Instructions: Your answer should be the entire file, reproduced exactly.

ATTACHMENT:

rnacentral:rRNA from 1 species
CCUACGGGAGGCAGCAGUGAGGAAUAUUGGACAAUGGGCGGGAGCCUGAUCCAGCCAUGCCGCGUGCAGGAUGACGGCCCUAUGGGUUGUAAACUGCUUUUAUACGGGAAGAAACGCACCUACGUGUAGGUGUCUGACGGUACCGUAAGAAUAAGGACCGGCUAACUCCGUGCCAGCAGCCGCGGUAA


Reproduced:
rnacentral:rRNA from 1 species
CCUACGGGAGGCAGCAGUGAGGAAUAUUGGACAAUGGGCGGGAGCCUGAUCCAGCCAUGCCGCGUGCAGGAUGACGGCCCUAUGGGUUGUAAACUGCUUUUAUACGGGAAGAAACGCACCUACGUGUAGGUGUCUGACGGUACCGUAAGAAUAAGGACCGGCUAACUCCGUGCCAGCAGCCGCGGUAA